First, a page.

Art’s association with nature has been eternal. Artists find solace in nature and nature finds a companion in these artists. It’s a fair trade, an undying association. To be honest, I’m spending a considerable amount of time taking care of the plants at home, not because I am bored, but maybe because I found pleasure in watching something grow.
This one evening, I found myself on the rooftop of my building. I was walking, thinking, projecting, when I saw a plant growing through the walls of a cemented wall. “Bloom, where you’re planted”, they say. The atheist within me stood aside and allowed the believer to take the center stage. I heard a faint ‘Hallelujah’ from under my breath. Green is a lavish color. It’s symbolic of all things present around you, it’s a strong force.
I adore colors. All colors. Colors bring alive thoughts, they represent emotions. When it comes to flowers, I’d be lying if I said I loved all flowers. I like specific flowers. So, for me…well, I like Lilacs (make a note of it). Most women I know love flowers. General favorite: Roses. They say it represents love and many fierce emotions.
Sometime last year, I heard about Elton John’s obsession with flowers. A report from 2000, which highlighted the singer’s expenses, declared that he had spent almost 300,000 pounds on flowers alone! Artists like Vincent Van Gogh, Georgia O’Keeffe, and Claude Monet have also represented nature through their paintings. O’Keeffe’s May Flowers offers viewers an up-close and personal image of these natural forms. It was evidently showcased in her paintings “Jimson Weed”, and ‘Black hollyhock and Blue Larkspur”.
When it comes to Van Gogh, his love is equally clear. “Van Gogh’s inimitable fusion of form and content is powerful; dramatic, lyrically rhythmic, imaginative, and emotional, for the artist was completely absorbed in the effort to explain either his struggle against madness or his comprehension of the spiritual essence of man and nature,” states The Van Gogh Gallery’s website. Some of Monet’s most famous works capture water lilies floating peacefully on the surface of a pond.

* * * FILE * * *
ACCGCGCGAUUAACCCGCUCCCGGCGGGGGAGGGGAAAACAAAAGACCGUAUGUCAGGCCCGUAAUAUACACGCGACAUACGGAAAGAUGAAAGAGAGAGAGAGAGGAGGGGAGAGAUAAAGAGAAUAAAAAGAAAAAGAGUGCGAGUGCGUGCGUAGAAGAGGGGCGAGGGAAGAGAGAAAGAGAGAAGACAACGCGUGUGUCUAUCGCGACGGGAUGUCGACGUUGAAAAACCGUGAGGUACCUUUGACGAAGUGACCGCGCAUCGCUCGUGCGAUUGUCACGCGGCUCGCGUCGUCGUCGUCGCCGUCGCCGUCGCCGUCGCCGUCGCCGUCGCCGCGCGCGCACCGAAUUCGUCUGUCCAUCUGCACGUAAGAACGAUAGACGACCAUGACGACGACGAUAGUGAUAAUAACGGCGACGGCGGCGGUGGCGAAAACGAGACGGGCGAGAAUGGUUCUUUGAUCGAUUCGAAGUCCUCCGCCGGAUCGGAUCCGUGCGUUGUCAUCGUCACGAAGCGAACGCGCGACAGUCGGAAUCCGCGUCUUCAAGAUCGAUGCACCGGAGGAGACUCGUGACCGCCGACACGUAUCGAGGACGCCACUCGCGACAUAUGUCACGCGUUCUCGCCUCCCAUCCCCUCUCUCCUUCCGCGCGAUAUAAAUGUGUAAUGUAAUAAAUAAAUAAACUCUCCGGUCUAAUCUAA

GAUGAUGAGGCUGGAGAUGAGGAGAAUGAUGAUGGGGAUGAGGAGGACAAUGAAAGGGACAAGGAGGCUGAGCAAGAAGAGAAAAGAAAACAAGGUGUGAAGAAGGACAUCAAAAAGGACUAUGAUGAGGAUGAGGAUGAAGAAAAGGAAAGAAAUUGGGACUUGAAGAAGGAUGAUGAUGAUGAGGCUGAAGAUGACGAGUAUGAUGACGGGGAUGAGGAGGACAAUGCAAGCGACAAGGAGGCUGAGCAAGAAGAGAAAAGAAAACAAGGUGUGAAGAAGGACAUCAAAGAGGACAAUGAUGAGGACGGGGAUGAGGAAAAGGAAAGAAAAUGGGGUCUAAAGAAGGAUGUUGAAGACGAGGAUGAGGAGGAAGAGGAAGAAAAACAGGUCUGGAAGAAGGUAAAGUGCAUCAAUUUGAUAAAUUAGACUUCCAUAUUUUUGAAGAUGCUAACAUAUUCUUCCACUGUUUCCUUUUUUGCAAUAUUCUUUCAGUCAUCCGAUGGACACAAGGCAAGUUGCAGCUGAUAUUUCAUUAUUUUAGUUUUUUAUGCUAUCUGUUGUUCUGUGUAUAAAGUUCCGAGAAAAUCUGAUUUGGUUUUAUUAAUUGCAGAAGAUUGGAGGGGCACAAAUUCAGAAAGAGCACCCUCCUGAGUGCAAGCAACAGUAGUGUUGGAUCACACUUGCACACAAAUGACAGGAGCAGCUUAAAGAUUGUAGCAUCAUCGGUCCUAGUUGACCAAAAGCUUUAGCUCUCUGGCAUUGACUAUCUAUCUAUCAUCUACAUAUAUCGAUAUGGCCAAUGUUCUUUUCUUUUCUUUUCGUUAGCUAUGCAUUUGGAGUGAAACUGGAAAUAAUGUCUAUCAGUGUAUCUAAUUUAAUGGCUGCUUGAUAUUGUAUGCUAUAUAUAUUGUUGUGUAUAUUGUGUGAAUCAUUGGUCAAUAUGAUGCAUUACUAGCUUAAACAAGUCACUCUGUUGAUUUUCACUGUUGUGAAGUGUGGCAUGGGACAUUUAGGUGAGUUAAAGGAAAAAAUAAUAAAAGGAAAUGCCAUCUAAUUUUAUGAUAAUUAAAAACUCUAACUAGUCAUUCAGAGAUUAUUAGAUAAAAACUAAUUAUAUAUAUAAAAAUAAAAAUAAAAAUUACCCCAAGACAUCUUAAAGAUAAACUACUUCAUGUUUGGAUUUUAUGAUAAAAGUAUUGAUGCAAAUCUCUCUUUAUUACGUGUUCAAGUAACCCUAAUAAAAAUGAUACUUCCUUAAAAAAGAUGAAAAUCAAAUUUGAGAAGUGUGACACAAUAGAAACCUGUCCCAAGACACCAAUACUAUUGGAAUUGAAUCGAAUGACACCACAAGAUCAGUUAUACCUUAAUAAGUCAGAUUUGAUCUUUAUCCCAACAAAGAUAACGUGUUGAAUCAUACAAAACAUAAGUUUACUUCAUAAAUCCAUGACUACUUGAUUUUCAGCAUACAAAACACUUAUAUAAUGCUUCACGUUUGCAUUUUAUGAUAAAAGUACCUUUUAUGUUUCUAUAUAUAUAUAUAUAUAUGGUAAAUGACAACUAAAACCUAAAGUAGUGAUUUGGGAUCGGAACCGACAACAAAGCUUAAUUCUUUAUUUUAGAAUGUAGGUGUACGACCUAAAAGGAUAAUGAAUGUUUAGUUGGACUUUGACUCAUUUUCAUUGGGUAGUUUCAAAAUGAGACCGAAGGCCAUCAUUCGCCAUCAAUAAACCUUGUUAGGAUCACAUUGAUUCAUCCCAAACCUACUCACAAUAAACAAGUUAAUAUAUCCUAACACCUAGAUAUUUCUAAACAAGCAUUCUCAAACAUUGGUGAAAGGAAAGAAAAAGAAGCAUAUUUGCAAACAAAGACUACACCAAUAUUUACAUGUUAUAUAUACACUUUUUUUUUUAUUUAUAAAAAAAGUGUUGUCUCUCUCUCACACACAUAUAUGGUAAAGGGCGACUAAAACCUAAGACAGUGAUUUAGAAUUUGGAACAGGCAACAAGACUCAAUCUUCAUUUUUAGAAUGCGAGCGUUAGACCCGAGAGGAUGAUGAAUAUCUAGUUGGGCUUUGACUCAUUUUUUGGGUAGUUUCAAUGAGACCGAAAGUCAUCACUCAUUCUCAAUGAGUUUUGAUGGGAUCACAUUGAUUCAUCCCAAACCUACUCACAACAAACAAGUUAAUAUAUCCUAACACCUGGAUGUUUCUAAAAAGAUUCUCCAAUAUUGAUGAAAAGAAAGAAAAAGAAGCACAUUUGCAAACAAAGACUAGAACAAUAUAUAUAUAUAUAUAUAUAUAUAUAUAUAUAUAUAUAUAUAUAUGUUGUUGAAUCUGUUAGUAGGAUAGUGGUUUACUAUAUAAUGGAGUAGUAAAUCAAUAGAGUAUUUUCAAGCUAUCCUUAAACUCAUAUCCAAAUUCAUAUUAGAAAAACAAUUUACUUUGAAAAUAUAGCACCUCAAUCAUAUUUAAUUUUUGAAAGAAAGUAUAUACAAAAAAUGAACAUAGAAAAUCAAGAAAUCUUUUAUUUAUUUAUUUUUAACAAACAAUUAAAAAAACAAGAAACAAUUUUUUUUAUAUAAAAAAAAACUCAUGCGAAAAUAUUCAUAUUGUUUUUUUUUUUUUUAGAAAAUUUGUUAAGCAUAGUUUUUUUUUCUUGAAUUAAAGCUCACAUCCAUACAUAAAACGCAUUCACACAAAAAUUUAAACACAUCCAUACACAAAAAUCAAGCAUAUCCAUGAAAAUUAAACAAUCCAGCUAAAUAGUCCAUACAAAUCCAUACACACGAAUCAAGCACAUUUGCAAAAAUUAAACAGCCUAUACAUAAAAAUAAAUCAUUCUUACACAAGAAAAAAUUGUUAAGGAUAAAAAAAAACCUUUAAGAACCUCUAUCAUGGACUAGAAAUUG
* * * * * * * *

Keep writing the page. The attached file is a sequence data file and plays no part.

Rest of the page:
In the Victorian era, Floriography was heavily practiced and it grew to become one of the most prevalent forms of communication during that time. To put it simply, Floriography translates to flower writing. It is the language of flowers. People communicated using flowers and every flower carried some meaning.
During this time, social constructs valued chastity more than anything. To overstep this line, or express too much was seen as being promiscuous. In response to these social norms, people relied on secret forms of flirtations and affairs and resorted to communicating in their own, creative way. Oscar Wilde, our beloved Irish poet, supposedly coaxed his friends to sport green carnations to represent their homosexuality. When questioned, these individuals would deny any deep meaning attached to it. This was to avoid any legal battle.
This practice is known to have been introduced by Lady Mary Wortley, an aristocrat, and poet who married the British Ambassador of Turkey. A series of her travel letters were published after her death. Selam, a secret floral language of communication, was one that was introduced by her and piqued England’s interest. This mode of communication was viewed as an amalgamation of the Turkish and British culture and was essentially practiced by Harem girls.
There were several meanings and emotions attached to these flowers. From Love to grief to hate – all were represented through flowers. Public forms of affection and openly expressing was condemned during the Victorian era, and so, flowers like rose, daffodil, and white rose represented the various degrees of love. Roses represented love, passion; daffodil represented unrequited love, and white rose displayed innocent love. Grief was also represented through flowers like poppy, marigold, and harebell, which represented remembrance, death, and grief respectively. Rejection (yes, let’s address this) was also represented through different flowers like yellow carnations, asphodel and yellow rose which signified rejection, regrets, and friendship respectively.
Forms of floriography have been practiced in traditional cultures like Europe, Asia, and Africa. Such forms of communication are not in practice anymore as man has taken some serious advancement leaps. But, in my opinion, I’d say handwritten love letters and flowers were the most exquisite way to express oneself. I’m not discrediting the convenience our mobile phones provide but that’s the point of it. Why does it have to be convenient? Why can’t it be dreamy and exciting? Why can’t it be full of wait?
This world is a strange, strange place. But, I’m not complaining. I’ve written many letters in the past but I don’t anymore and that doesn’t feel right. It’s honestly so heartfelt. Like, a letter oozes of real emotions, and you’ll agree with me. Write a letter to your partner, buy some flowers, and have a meal together. And remember to keep your phones aside. Communicate to comprehend, for a change.